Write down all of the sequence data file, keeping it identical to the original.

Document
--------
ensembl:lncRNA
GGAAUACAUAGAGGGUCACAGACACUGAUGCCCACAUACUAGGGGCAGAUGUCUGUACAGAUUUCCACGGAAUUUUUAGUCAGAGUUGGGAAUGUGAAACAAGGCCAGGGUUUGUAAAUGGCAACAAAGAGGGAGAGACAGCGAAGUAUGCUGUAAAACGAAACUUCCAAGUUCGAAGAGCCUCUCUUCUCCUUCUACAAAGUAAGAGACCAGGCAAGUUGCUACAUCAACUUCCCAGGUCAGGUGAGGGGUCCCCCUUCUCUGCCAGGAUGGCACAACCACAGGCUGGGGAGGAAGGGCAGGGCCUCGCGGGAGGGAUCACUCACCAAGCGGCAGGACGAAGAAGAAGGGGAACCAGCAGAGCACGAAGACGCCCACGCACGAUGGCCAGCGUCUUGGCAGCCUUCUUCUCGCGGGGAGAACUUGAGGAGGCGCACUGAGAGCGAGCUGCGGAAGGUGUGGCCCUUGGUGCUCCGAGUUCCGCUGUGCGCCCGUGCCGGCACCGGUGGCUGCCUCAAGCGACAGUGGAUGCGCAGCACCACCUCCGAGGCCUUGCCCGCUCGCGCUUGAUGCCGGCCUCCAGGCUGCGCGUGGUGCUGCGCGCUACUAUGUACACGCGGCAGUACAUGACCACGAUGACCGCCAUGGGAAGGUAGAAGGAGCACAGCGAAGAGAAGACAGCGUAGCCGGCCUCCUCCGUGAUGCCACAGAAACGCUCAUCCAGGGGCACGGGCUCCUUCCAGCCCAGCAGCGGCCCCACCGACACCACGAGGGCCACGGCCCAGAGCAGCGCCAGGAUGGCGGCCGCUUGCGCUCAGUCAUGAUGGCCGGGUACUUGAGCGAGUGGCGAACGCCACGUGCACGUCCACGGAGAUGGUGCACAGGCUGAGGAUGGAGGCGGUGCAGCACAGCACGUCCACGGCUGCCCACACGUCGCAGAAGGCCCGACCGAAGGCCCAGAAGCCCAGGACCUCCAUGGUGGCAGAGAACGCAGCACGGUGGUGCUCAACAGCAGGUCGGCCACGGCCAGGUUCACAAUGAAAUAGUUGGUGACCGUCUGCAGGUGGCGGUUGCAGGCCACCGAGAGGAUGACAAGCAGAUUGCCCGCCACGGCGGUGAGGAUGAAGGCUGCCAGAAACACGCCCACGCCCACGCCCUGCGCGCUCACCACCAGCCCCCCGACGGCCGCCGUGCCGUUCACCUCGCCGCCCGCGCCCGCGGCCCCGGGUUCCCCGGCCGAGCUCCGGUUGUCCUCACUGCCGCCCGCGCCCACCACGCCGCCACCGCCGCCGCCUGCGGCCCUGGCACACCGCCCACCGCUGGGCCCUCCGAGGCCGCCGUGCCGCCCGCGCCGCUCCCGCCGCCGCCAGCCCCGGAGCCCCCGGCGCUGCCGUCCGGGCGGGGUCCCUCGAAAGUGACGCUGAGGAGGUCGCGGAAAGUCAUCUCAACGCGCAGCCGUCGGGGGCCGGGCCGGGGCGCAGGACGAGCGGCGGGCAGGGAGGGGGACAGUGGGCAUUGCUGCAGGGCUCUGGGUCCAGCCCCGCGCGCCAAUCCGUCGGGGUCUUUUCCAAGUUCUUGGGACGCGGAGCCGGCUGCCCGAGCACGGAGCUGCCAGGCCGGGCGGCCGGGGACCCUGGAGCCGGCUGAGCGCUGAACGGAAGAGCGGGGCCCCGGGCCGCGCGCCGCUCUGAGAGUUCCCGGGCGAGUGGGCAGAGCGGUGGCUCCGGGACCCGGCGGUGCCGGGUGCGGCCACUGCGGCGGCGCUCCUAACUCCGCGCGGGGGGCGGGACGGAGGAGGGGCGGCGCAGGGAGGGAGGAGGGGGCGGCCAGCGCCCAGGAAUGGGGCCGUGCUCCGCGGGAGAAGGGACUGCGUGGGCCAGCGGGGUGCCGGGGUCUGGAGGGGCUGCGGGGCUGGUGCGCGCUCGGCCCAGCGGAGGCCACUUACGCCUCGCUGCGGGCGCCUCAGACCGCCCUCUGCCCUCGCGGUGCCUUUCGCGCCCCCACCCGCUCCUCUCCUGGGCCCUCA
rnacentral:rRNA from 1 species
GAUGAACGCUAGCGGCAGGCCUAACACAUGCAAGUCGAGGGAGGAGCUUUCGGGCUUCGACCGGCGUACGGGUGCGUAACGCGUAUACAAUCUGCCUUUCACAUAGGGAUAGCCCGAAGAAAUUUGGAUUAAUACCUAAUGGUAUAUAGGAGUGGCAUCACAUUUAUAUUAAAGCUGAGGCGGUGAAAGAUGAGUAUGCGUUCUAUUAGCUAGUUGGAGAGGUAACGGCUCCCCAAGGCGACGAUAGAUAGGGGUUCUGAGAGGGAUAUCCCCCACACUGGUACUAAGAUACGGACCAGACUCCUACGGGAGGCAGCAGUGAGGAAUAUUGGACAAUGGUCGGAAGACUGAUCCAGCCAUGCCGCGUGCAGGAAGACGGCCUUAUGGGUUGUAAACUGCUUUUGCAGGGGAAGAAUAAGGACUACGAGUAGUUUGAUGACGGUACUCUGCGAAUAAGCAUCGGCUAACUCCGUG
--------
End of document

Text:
ensembl:lncRNA
GGAAUACAUAGAGGGUCACAGACACUGAUGCCCACAUACUAGGGGCAGAUGUCUGUACAGAUUUCCACGGAAUUUUUAGUCAGAGUUGGGAAUGUGAAACAAGGCCAGGGUUUGUAAAUGGCAACAAAGAGGGAGAGACAGCGAAGUAUGCUGUAAAACGAAACUUCCAAGUUCGAAGAGCCUCUCUUCUCCUUCUACAAAGUAAGAGACCAGGCAAGUUGCUACAUCAACUUCCCAGGUCAGGUGAGGGGUCCCCCUUCUCUGCCAGGAUGGCACAACCACAGGCUGGGGAGGAAGGGCAGGGCCUCGCGGGAGGGAUCACUCACCAAGCGGCAGGACGAAGAAGAAGGGGAACCAGCAGAGCACGAAGACGCCCACGCACGAUGGCCAGCGUCUUGGCAGCCUUCUUCUCGCGGGGAGAACUUGAGGAGGCGCACUGAGAGCGAGCUGCGGAAGGUGUGGCCCUUGGUGCUCCGAGUUCCGCUGUGCGCCCGUGCCGGCACCGGUGGCUGCCUCAAGCGACAGUGGAUGCGCAGCACCACCUCCGAGGCCUUGCCCGCUCGCGCUUGAUGCCGGCCUCCAGGCUGCGCGUGGUGCUGCGCGCUACUAUGUACACGCGGCAGUACAUGACCACGAUGACCGCCAUGGGAAGGUAGAAGGAGCACAGCGAAGAGAAGACAGCGUAGCCGGCCUCCUCCGUGAUGCCACAGAAACGCUCAUCCAGGGGCACGGGCUCCUUCCAGCCCAGCAGCGGCCCCACCGACACCACGAGGGCCACGGCCCAGAGCAGCGCCAGGAUGGCGGCCGCUUGCGCUCAGUCAUGAUGGCCGGGUACUUGAGCGAGUGGCGAACGCCACGUGCACGUCCACGGAGAUGGUGCACAGGCUGAGGAUGGAGGCGGUGCAGCACAGCACGUCCACGGCUGCCCACACGUCGCAGAAGGCCCGACCGAAGGCCCAGAAGCCCAGGACCUCCAUGGUGGCAGAGAACGCAGCACGGUGGUGCUCAACAGCAGGUCGGCCACGGCCAGGUUCACAAUGAAAUAGUUGGUGACCGUCUGCAGGUGGCGGUUGCAGGCCACCGAGAGGAUGACAAGCAGAUUGCCCGCCACGGCGGUGAGGAUGAAGGCUGCCAGAAACACGCCCACGCCCACGCCCUGCGCGCUCACCACCAGCCCCCCGACGGCCGCCGUGCCGUUCACCUCGCCGCCCGCGCCCGCGGCCCCGGGUUCCCCGGCCGAGCUCCGGUUGUCCUCACUGCCGCCCGCGCCCACCACGCCGCCACCGCCGCCGCCUGCGGCCCUGGCACACCGCCCACCGCUGGGCCCUCCGAGGCCGCCGUGCCGCCCGCGCCGCUCCCGCCGCCGCCAGCCCCGGAGCCCCCGGCGCUGCCGUCCGGGCGGGGUCCCUCGAAAGUGACGCUGAGGAGGUCGCGGAAAGUCAUCUCAACGCGCAGCCGUCGGGGGCCGGGCCGGGGCGCAGGACGAGCGGCGGGCAGGGAGGGGGACAGUGGGCAUUGCUGCAGGGCUCUGGGUCCAGCCCCGCGCGCCAAUCCGUCGGGGUCUUUUCCAAGUUCUUGGGACGCGGAGCCGGCUGCCCGAGCACGGAGCUGCCAGGCCGGGCGGCCGGGGACCCUGGAGCCGGCUGAGCGCUGAACGGAAGAGCGGGGCCCCGGGCCGCGCGCCGCUCUGAGAGUUCCCGGGCGAGUGGGCAGAGCGGUGGCUCCGGGACCCGGCGGUGCCGGGUGCGGCCACUGCGGCGGCGCUCCUAACUCCGCGCGGGGGGCGGGACGGAGGAGGGGCGGCGCAGGGAGGGAGGAGGGGGCGGCCAGCGCCCAGGAAUGGGGCCGUGCUCCGCGGGAGAAGGGACUGCGUGGGCCAGCGGGGUGCCGGGGUCUGGAGGGGCUGCGGGGCUGGUGCGCGCUCGGCCCAGCGGAGGCCACUUACGCCUCGCUGCGGGCGCCUCAGACCGCCCUCUGCCCUCGCGGUGCCUUUCGCGCCCCCACCCGCUCCUCUCCUGGGCCCUCA
rnacentral:rRNA from 1 species
GAUGAACGCUAGCGGCAGGCCUAACACAUGCAAGUCGAGGGAGGAGCUUUCGGGCUUCGACCGGCGUACGGGUGCGUAACGCGUAUACAAUCUGCCUUUCACAUAGGGAUAGCCCGAAGAAAUUUGGAUUAAUACCUAAUGGUAUAUAGGAGUGGCAUCACAUUUAUAUUAAAGCUGAGGCGGUGAAAGAUGAGUAUGCGUUCUAUUAGCUAGUUGGAGAGGUAACGGCUCCCCAAGGCGACGAUAGAUAGGGGUUCUGAGAGGGAUAUCCCCCACACUGGUACUAAGAUACGGACCAGACUCCUACGGGAGGCAGCAGUGAGGAAUAUUGGACAAUGGUCGGAAGACUGAUCCAGCCAUGCCGCGUGCAGGAAGACGGCCUUAUGGGUUGUAAACUGCUUUUGCAGGGGAAGAAUAAGGACUACGAGUAGUUUGAUGACGGUACUCUGCGAAUAAGCAUCGGCUAACUCCGUG